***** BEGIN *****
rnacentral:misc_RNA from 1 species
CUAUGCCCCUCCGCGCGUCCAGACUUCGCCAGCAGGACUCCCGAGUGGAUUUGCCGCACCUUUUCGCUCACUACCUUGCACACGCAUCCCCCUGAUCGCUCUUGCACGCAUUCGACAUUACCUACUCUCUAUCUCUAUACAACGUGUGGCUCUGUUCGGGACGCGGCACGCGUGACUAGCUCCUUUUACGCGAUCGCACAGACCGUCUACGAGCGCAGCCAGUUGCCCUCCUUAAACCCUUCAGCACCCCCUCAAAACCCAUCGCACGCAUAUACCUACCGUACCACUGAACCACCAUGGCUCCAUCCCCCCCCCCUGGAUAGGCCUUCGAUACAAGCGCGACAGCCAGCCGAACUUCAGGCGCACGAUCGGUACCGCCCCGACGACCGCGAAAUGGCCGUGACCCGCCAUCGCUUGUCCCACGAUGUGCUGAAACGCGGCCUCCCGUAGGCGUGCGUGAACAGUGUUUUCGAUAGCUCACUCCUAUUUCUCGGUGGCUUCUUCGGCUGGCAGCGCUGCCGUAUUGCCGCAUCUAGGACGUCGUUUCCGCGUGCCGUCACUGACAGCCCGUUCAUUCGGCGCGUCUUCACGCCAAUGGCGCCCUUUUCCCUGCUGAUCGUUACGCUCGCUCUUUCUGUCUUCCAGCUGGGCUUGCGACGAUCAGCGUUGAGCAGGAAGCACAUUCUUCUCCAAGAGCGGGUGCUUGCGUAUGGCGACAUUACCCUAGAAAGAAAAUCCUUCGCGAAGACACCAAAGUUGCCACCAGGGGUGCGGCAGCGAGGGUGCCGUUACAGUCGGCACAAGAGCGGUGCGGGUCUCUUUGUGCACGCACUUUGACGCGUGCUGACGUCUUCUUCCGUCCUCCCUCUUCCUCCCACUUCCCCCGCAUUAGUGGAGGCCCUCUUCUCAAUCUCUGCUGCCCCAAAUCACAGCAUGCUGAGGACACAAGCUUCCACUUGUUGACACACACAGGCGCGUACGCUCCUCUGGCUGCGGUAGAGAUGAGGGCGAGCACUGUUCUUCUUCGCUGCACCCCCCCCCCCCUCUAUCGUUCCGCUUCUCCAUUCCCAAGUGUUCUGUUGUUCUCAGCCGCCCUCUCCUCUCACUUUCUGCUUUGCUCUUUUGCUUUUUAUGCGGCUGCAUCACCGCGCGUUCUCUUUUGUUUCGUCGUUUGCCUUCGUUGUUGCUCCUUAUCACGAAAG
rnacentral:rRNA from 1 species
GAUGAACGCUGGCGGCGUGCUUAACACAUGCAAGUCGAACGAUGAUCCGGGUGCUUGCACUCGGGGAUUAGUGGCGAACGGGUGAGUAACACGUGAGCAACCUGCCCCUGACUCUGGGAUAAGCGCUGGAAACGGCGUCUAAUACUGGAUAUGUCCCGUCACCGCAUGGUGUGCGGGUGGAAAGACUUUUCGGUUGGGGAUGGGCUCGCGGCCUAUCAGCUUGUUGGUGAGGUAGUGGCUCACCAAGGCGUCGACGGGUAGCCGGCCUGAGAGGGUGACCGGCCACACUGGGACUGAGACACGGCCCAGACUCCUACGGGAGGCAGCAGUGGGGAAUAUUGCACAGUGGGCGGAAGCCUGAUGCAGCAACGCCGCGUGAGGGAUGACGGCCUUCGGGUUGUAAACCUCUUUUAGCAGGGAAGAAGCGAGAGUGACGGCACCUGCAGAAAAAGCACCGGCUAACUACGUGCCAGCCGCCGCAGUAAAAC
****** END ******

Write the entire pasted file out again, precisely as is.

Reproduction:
rnacentral:misc_RNA from 1 species
CUAUGCCCCUCCGCGCGUCCAGACUUCGCCAGCAGGACUCCCGAGUGGAUUUGCCGCACCUUUUCGCUCACUACCUUGCACACGCAUCCCCCUGAUCGCUCUUGCACGCAUUCGACAUUACCUACUCUCUAUCUCUAUACAACGUGUGGCUCUGUUCGGGACGCGGCACGCGUGACUAGCUCCUUUUACGCGAUCGCACAGACCGUCUACGAGCGCAGCCAGUUGCCCUCCUUAAACCCUUCAGCACCCCCUCAAAACCCAUCGCACGCAUAUACCUACCGUACCACUGAACCACCAUGGCUCCAUCCCCCCCCCCUGGAUAGGCCUUCGAUACAAGCGCGACAGCCAGCCGAACUUCAGGCGCACGAUCGGUACCGCCCCGACGACCGCGAAAUGGCCGUGACCCGCCAUCGCUUGUCCCACGAUGUGCUGAAACGCGGCCUCCCGUAGGCGUGCGUGAACAGUGUUUUCGAUAGCUCACUCCUAUUUCUCGGUGGCUUCUUCGGCUGGCAGCGCUGCCGUAUUGCCGCAUCUAGGACGUCGUUUCCGCGUGCCGUCACUGACAGCCCGUUCAUUCGGCGCGUCUUCACGCCAAUGGCGCCCUUUUCCCUGCUGAUCGUUACGCUCGCUCUUUCUGUCUUCCAGCUGGGCUUGCGACGAUCAGCGUUGAGCAGGAAGCACAUUCUUCUCCAAGAGCGGGUGCUUGCGUAUGGCGACAUUACCCUAGAAAGAAAAUCCUUCGCGAAGACACCAAAGUUGCCACCAGGGGUGCGGCAGCGAGGGUGCCGUUACAGUCGGCACAAGAGCGGUGCGGGUCUCUUUGUGCACGCACUUUGACGCGUGCUGACGUCUUCUUCCGUCCUCCCUCUUCCUCCCACUUCCCCCGCAUUAGUGGAGGCCCUCUUCUCAAUCUCUGCUGCCCCAAAUCACAGCAUGCUGAGGACACAAGCUUCCACUUGUUGACACACACAGGCGCGUACGCUCCUCUGGCUGCGGUAGAGAUGAGGGCGAGCACUGUUCUUCUUCGCUGCACCCCCCCCCCCCUCUAUCGUUCCGCUUCUCCAUUCCCAAGUGUUCUGUUGUUCUCAGCCGCCCUCUCCUCUCACUUUCUGCUUUGCUCUUUUGCUUUUUAUGCGGCUGCAUCACCGCGCGUUCUCUUUUGUUUCGUCGUUUGCCUUCGUUGUUGCUCCUUAUCACGAAAG
rnacentral:rRNA from 1 species
GAUGAACGCUGGCGGCGUGCUUAACACAUGCAAGUCGAACGAUGAUCCGGGUGCUUGCACUCGGGGAUUAGUGGCGAACGGGUGAGUAACACGUGAGCAACCUGCCCCUGACUCUGGGAUAAGCGCUGGAAACGGCGUCUAAUACUGGAUAUGUCCCGUCACCGCAUGGUGUGCGGGUGGAAAGACUUUUCGGUUGGGGAUGGGCUCGCGGCCUAUCAGCUUGUUGGUGAGGUAGUGGCUCACCAAGGCGUCGACGGGUAGCCGGCCUGAGAGGGUGACCGGCCACACUGGGACUGAGACACGGCCCAGACUCCUACGGGAGGCAGCAGUGGGGAAUAUUGCACAGUGGGCGGAAGCCUGAUGCAGCAACGCCGCGUGAGGGAUGACGGCCUUCGGGUUGUAAACCUCUUUUAGCAGGGAAGAAGCGAGAGUGACGGCACCUGCAGAAAAAGCACCGGCUAACUACGUGCCAGCCGCCGCAGUAAAAC